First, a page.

Australia police get burka powers

A woman wearing a burka talks on a mobile phone in Sydney. Photo: July 2011Muslim organisations in the state said they accepted the changes
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Police in Australia’s New South Wales state have been given more powers to remove burkas and other face coverings to identify crime suspects.

Anyone who refuses to show their face could now be jailed for up to a year or face a heavy fine.

The move follows the recent case of a Muslim woman who was acquitted after a judge ruled her Islamic veil made a positive identification impossible.

Islamic leaders in the state said they were comfortable with the new measure.

The New South Wales government approved the changes at a meeting late on Monday.

“I don’t care whether a person is wearing a motorcycle helmet, a burka, niqab, face veil or anything else, the police should be allowed to require those people to make their identification clear,” Premier Barry O’Farrell said.

He added: “I have every respect for various religions and beliefs but when it comes to enforcing the law the police should be given adequate powers to make a clear identification.”

State police welcomed the change, saying it would “provide clarity and certainty for both the public and for police officers”.

The Islamic Council of New South Wales said it accepted the move, while the Muslim Women’s Association said it had no problem if police handled the issue sensitively, including the deployment of female police officers.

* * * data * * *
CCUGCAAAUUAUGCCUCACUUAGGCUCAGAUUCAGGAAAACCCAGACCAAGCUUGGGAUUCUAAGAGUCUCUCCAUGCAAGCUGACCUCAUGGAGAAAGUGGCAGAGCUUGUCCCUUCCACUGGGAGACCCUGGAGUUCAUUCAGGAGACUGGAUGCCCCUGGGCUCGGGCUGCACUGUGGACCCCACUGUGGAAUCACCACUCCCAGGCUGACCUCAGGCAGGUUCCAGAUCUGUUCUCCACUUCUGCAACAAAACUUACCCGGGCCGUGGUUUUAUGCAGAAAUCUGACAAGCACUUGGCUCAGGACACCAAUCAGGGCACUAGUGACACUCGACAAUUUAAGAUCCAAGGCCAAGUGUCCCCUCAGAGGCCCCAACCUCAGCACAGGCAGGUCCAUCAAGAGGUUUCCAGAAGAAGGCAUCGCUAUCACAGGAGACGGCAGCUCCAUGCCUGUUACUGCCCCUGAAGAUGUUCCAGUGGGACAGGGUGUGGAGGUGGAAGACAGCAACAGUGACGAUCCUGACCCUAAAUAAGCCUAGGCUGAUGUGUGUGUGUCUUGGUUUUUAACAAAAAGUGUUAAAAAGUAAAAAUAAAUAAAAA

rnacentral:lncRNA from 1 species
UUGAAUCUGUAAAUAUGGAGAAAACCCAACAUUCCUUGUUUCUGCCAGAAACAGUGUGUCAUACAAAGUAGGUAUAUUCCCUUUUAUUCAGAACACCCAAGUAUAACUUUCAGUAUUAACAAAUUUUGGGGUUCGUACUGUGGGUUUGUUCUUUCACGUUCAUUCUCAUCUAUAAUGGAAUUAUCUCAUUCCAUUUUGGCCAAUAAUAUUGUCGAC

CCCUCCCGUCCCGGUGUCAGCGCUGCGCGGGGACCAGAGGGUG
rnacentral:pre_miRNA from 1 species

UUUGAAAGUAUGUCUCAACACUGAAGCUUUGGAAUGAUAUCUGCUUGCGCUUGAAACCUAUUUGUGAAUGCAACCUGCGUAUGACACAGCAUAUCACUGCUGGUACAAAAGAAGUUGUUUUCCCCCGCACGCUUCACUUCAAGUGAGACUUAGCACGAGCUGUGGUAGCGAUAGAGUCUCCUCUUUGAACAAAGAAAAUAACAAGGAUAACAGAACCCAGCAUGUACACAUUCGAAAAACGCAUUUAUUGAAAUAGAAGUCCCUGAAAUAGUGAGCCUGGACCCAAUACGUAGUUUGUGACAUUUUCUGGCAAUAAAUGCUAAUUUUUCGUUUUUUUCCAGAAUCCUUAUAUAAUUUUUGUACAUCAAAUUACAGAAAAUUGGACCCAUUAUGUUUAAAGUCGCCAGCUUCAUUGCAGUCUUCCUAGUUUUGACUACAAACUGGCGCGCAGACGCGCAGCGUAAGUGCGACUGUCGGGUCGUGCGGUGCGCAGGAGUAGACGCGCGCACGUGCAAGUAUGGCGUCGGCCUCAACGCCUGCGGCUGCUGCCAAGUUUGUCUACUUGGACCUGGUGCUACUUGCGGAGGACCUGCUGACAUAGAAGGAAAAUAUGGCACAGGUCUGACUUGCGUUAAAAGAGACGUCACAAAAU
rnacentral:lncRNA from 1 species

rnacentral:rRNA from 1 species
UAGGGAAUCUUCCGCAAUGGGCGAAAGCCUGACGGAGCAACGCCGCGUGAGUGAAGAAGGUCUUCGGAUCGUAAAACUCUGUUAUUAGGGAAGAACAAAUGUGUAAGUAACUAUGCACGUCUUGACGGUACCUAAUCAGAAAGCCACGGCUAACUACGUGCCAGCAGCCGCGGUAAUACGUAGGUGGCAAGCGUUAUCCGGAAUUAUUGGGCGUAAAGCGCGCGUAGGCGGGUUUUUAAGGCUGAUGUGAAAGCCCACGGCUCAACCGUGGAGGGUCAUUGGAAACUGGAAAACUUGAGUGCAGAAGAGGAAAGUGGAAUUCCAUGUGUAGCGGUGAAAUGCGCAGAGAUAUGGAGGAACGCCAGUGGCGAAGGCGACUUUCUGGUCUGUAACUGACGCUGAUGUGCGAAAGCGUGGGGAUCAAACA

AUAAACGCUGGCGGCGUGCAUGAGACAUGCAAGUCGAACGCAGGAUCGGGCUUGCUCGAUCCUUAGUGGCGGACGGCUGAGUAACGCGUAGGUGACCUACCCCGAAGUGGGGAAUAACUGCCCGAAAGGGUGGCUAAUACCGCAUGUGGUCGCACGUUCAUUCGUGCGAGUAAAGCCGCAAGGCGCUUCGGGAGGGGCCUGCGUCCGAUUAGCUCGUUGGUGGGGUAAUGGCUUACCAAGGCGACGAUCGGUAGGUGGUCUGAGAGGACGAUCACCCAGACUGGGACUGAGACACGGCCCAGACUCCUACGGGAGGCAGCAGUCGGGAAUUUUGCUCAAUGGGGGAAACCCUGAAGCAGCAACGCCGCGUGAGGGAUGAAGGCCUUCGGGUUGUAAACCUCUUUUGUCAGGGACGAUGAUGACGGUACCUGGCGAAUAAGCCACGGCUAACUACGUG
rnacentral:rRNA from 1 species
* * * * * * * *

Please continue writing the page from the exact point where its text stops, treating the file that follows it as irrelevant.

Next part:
The changes come after the high-profile case of Carnita Matthews, who last year was sentenced to six months in prison for falsely accusing a policeman of trying to forcibly remove her burka during a random breath test.

But she won on appeal after a judge ruled that the prosecution could not prove she had made the false complaint because officers were not able to see her face.

State police previously had the power to request the removal of face veils while investigating serious offences, but not on more routine matters.

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Japan minister quits after a week

Ryu Matsumoto announces his resignation at a press conference at his office in Tokyo on 5 July, 2011Mr Matsumoto gave no reason for his departure at a Tokyo press conference on Tuesday

Japan’s Minister for Reconstruction Ryu Matsumoto has announced his resignation after just a week in the job.

He had been widely criticised for making insensitive remarks to governors of areas badly affected by March’s deadly earthquake and tsunami.

He had said the government would not help them financially unless they came up with good rebuilding proposals.

The resignation will increase pressure on PM Naoto Kan’s already unpopular government, correspondents say.

Last month Mr Kan survived a no-confidence motion brought by MPs critical of his handling of the reconstruction process following the quake, tsunami and ensuing nuclear crisis at the Fukushima Daiichi nuclear plant, says the BBC’s Japan correspondent, Roland Buerk.

The prime minister is trying to persuade MPs to back an extra $25bn (£15.5bn) of reconstruction funds, and will not have wanted attention to be diverted by his minister’s comments, adds our correspondent.

A moist-eyed Mr Matsumoto announced his resignation at a Tokyo press conference early on Tuesday, but gave no reason for his departure.

“I have many things I would like to say… But I will be gone from now,” AP quoted him as saying.

The 60-year-old made the offending remarks to regional governors during a tour of tsunami-hit prefectures of Iwate and Miyagi on Sunday.

Mr Matsumoto also berated Miyagi Prefecture Governor Yoshihiro Murai for keeping him waiting. He then ordered journalists filming the exchange that it should not be broadcast, saying their networks would suffer if it was.

The 11 March quake and tsunami levelled homes, businesses and towns along Japan’s north-eastern coast, leaving more than 20,000 people dead or missing in the country’s worst disaster since World War II.

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This article is from the BBC News website. © British Broadcasting Corporation, The BBC is not responsible for the content of external internet sites.